The main Bar Standards Board rules covering Public Access work in particular are in Annexe F2. They can be found here >
The rules read –
Annexe F2 – Public Access Rules
1. These rules apply to barristers instructed by or on behalf of lay clients (other than licensed access clients) pursuant to paragraph 401(a)(iii) of the Code of Conduct.
2. Before accepting any public access instructions from or on behalf of a lay client who has not also instructed a solicitor or other professional client, a barrister must :-
(i) Be properly qualified by having more than 3 years’ practising experience, by having undertaken and satisfactorily completed the appropriate training, and by registering with the Bar Council as a Public Access practitioner; and
(ii) Take such steps as are reasonably necessary to ascertain whether it would be in the best interests of the client or in the interests of justice for the lay client to instruct a solicitor or other professional client; and
(iii) Take such steps as are reasonably necessary to ensure that the client is able to make an informed deciison about whether to apply for legal aid or whether to proceed with public access.
3. A barrister may not accept direct instructions from or on behalf of a lay client in or in connection with any matter or proceedings in which, in all the circumstances, it would be in the interests of the client or in the interests of justice for the client to instruct a solicitor or professional client.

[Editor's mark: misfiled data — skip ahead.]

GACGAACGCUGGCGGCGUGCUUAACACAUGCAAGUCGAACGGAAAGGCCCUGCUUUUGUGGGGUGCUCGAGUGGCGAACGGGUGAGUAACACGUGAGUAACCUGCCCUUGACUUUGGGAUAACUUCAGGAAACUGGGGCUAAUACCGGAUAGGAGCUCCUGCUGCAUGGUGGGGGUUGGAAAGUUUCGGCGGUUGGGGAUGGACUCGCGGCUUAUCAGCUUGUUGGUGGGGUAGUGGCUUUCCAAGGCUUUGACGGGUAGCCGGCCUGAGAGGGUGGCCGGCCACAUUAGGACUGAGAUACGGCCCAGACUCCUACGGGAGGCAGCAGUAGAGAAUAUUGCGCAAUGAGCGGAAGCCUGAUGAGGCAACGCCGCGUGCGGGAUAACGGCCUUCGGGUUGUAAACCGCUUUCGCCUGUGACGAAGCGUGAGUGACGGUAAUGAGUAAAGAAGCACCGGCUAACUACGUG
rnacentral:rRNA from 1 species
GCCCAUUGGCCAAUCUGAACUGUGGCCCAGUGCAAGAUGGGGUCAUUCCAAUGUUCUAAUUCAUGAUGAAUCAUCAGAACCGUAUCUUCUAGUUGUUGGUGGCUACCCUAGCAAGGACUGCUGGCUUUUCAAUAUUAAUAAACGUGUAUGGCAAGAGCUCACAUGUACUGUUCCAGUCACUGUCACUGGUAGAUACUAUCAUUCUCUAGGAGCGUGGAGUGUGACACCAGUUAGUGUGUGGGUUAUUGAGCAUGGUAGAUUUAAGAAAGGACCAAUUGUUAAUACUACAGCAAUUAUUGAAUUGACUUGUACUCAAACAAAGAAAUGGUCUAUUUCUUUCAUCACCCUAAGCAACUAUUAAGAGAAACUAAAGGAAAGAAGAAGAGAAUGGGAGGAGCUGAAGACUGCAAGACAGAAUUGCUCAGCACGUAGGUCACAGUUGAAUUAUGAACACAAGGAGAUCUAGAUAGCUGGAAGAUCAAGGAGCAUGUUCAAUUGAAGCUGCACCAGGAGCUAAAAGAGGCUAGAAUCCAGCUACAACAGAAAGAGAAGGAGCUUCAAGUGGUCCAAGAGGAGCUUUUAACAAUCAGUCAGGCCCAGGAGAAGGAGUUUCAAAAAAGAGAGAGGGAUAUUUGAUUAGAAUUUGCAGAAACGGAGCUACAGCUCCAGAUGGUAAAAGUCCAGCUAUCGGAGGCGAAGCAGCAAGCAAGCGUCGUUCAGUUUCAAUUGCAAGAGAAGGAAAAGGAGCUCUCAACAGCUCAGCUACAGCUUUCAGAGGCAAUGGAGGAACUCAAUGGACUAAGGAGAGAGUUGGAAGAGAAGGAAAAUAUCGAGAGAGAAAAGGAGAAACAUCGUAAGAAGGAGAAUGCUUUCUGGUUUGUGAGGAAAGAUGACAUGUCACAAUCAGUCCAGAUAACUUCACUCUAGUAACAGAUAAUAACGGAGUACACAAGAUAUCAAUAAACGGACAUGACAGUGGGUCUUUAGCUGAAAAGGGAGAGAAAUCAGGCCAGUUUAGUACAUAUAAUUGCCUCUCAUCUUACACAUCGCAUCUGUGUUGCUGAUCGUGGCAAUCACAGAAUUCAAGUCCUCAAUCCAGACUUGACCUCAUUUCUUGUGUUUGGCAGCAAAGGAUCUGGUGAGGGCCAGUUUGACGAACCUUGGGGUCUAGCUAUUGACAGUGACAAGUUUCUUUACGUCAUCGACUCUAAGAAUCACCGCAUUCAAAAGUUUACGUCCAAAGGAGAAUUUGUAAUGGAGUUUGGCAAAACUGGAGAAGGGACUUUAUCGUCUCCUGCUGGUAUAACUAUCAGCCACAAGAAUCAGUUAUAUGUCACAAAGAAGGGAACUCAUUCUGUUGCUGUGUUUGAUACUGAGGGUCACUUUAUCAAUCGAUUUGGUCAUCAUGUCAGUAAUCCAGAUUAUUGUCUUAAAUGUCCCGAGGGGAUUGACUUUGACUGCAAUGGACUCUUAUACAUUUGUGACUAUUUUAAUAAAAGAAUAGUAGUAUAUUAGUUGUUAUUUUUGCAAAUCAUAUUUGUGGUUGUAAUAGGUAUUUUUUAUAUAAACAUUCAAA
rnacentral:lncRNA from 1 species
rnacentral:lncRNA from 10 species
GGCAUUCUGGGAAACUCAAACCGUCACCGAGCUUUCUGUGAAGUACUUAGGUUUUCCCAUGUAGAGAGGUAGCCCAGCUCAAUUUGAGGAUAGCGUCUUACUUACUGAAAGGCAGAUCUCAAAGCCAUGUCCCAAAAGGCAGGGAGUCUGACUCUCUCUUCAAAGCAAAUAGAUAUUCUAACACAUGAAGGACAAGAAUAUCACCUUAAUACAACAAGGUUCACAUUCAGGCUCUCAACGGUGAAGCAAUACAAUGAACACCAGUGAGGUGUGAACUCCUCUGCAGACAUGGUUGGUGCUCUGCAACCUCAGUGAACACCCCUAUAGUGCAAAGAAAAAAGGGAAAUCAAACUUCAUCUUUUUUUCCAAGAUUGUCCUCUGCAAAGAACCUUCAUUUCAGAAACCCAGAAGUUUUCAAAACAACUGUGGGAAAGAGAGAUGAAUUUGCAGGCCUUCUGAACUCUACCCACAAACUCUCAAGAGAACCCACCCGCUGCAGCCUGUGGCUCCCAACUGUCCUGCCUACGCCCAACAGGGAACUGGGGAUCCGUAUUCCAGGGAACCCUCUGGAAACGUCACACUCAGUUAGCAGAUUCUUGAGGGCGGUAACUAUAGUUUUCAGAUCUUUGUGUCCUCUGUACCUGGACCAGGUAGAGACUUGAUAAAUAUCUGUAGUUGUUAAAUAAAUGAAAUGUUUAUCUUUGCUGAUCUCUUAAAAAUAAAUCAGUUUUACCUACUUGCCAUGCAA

4. In any case where a barrister is not prohibited from accepting instructions, the barrister must at all times consider the developing circumstances of the case, and whether at any stage it is in the best interests of the client or in the interests of justice for the lay client to instruct a solicitor or other professional client. If, after accepting direct instructions a barrister forms the view that circumstances are such that it would be in the best interests of the client, or in the interests of justice for the lay client to instruct a solicitor or other professional client the barrister must:
(a) inform the client of his view; and
(b) withdraw from the case in accordance with the provisions of paragraph 608(a) of the Code unless the client instructs a solicitor or other professional client to act in the case.
5. A barrister must have regard to guidance published from time to time by the Bar Council in considering whether to accept and in carrying out any public access instructions.
6. A barrister who accepts public access instructions must forthwith notify his lay client in writing, and in clear and readily understandable terms, of:
(a) the work which the barrister has agreed to perform;
(b) the fact that in performing his work the barrister will be subject to the requirements of the Code of Conduct and, in particular, paragraphs 401(b) and 608;
(c) the fact that the barrister cannot be expected to perform the functions of a solicitor or other authorised litigator and in particular to fulfil limitation obligations, disclosure obligations and other obligations arising out of or related to the conduct of litigation;